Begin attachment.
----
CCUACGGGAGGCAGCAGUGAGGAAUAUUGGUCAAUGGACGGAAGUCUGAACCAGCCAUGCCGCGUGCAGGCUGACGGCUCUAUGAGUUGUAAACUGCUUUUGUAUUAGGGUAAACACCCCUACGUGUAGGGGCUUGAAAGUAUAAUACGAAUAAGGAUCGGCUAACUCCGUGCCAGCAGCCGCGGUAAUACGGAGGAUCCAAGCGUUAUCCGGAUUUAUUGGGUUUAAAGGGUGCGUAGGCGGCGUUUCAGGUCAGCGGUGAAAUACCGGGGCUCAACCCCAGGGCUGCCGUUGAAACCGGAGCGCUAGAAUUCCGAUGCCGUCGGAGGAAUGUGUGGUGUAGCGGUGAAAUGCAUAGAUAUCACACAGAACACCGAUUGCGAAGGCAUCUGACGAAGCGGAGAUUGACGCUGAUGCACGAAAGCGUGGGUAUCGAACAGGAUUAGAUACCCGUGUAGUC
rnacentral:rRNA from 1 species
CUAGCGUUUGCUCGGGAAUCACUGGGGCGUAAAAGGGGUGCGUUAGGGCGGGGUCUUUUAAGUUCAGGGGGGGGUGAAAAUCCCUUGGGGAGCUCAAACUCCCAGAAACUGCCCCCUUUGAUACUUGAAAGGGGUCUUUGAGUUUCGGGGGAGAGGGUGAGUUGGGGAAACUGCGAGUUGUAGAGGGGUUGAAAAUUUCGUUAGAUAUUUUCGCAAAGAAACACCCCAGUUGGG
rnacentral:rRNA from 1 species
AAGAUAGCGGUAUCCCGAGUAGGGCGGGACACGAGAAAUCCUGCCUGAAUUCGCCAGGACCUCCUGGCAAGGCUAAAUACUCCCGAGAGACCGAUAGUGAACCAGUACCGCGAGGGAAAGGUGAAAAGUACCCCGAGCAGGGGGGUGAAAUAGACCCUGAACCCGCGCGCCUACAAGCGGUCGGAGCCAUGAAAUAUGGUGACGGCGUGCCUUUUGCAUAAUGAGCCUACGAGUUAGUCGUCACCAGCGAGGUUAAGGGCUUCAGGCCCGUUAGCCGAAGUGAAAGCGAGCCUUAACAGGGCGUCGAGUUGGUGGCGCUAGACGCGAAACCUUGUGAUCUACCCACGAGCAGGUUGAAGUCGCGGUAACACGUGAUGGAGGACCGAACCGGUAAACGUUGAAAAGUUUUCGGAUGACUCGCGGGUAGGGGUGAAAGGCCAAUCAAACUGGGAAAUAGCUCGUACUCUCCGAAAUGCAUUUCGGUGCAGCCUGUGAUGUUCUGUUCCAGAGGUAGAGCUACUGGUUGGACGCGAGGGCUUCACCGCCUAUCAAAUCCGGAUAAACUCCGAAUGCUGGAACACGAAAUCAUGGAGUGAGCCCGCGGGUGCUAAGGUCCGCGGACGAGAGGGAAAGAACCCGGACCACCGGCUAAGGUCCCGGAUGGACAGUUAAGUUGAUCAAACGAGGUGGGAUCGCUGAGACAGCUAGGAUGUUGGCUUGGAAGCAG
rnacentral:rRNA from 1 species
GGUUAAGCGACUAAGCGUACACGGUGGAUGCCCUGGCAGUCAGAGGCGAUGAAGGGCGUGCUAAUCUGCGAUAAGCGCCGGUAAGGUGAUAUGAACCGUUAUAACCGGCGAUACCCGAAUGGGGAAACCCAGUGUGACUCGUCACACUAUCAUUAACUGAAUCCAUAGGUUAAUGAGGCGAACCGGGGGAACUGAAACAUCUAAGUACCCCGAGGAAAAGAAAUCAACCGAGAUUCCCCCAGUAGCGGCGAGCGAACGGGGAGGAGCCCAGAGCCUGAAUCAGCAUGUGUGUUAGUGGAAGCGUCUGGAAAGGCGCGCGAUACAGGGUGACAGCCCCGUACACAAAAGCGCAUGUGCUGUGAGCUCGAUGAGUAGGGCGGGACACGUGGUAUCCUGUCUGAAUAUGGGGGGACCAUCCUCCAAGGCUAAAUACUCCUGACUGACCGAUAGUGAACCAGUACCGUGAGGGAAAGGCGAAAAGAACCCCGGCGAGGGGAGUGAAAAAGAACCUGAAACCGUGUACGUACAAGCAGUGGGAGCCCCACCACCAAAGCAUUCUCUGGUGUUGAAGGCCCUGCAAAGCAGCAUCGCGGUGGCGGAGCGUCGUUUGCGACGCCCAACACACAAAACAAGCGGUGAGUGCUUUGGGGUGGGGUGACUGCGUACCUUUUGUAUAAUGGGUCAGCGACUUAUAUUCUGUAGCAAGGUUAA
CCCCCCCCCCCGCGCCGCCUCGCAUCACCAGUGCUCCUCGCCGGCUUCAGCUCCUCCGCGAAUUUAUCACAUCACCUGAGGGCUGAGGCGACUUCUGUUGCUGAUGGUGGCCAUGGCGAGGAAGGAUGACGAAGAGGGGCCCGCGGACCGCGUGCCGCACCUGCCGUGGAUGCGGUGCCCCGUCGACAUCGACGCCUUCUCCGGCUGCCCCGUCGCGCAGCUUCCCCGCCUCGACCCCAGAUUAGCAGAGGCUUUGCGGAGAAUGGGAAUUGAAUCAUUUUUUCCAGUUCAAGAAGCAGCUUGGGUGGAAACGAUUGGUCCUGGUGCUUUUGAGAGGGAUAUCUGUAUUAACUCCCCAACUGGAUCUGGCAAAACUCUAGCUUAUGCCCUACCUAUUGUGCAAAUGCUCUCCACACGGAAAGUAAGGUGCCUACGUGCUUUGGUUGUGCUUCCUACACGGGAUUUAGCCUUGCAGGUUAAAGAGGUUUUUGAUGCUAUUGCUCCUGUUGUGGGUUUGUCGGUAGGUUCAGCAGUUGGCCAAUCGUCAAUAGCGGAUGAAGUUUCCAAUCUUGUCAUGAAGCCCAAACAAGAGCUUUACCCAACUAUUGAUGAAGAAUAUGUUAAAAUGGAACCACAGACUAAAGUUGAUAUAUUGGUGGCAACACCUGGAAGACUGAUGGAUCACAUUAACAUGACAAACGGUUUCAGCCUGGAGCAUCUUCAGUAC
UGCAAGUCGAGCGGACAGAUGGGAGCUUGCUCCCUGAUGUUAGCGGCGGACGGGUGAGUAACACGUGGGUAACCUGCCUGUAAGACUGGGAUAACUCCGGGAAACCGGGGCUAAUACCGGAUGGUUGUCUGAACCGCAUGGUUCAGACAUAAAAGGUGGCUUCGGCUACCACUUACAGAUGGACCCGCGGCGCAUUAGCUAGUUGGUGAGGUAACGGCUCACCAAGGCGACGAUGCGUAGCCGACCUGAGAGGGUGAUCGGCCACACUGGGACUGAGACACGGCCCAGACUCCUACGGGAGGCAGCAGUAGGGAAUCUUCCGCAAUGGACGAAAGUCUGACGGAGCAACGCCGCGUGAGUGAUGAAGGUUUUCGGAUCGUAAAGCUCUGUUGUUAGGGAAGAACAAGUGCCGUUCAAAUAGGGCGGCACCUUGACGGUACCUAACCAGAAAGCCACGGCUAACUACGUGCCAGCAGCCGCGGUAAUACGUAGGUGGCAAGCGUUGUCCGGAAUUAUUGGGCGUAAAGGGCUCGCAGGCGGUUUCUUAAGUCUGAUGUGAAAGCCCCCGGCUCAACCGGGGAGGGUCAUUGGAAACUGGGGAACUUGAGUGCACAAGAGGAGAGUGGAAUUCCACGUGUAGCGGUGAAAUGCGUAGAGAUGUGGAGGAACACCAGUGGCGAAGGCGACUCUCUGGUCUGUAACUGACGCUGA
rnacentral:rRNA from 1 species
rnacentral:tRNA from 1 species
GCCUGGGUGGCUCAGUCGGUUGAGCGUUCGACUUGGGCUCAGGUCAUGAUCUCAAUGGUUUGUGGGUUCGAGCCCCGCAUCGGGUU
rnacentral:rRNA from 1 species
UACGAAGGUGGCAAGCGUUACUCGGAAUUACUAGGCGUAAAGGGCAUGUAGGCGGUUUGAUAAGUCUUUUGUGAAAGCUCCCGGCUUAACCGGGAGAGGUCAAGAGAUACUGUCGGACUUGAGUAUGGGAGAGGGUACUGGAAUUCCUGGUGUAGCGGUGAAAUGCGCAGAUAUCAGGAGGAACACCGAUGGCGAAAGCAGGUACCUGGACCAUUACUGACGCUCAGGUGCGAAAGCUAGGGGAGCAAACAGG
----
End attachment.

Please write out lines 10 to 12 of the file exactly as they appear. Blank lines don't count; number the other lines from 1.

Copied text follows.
rnacentral:rRNA from 1 species
rnacentral:tRNA from 1 species
GCCUGGGUGGCUCAGUCGGUUGAGCGUUCGACUUGGGCUCAGGUCAUGAUCUCAAUGGUUUGUGGGUUCGAGCCCCGCAUCGGGUU